Concept

World War II cryptography

Summary
Cryptography was used extensively during World War II because of the importance of radio communication and the ease of radio interception. The nations involved fielded a plethora of code and cipher systems, many of the latter using rotor machines. As a result, the theoretical and practical aspects of cryptanalysis, or codebreaking, were much advanced. Possibly the most important codebreaking event of the war was the successful decryption by the Allies of the German "Enigma" Cipher. The first break into Enigma was accomplished by Polish Cipher Bureau around 1932; the techniques and insights used were passed to the French and British Allies just before the outbreak of the war in 1939. They were substantially improved by British efforts at Bletchley Park during the war. Decryption of the Enigma Cipher allowed the Allies to read important parts of German radio traffic on important networks and was an invaluable source of military intelligence throughout the war. Intelligence from this so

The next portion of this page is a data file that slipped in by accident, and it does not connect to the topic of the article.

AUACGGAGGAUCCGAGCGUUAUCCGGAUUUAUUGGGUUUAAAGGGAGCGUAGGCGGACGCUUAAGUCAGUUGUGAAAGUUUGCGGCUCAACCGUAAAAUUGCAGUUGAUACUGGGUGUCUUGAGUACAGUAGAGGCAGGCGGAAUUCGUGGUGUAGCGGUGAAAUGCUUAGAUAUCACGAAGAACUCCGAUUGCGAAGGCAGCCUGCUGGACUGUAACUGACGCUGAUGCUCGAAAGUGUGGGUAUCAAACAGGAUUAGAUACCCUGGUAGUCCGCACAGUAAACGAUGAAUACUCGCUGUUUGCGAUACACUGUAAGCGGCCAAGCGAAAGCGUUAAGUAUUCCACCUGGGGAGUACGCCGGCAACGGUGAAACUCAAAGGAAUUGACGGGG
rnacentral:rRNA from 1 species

About this result
This page is automatically generated and may contain information that is not correct, complete, up-to-date, or relevant to your search query. The same applies to every other page on this website. Please make sure to verify the information with EPFL's official sources.
Related publications

Loading

Related people

Loading

Related units

Loading

Related concepts

Loading

Related courses

Loading

Related lectures

Loading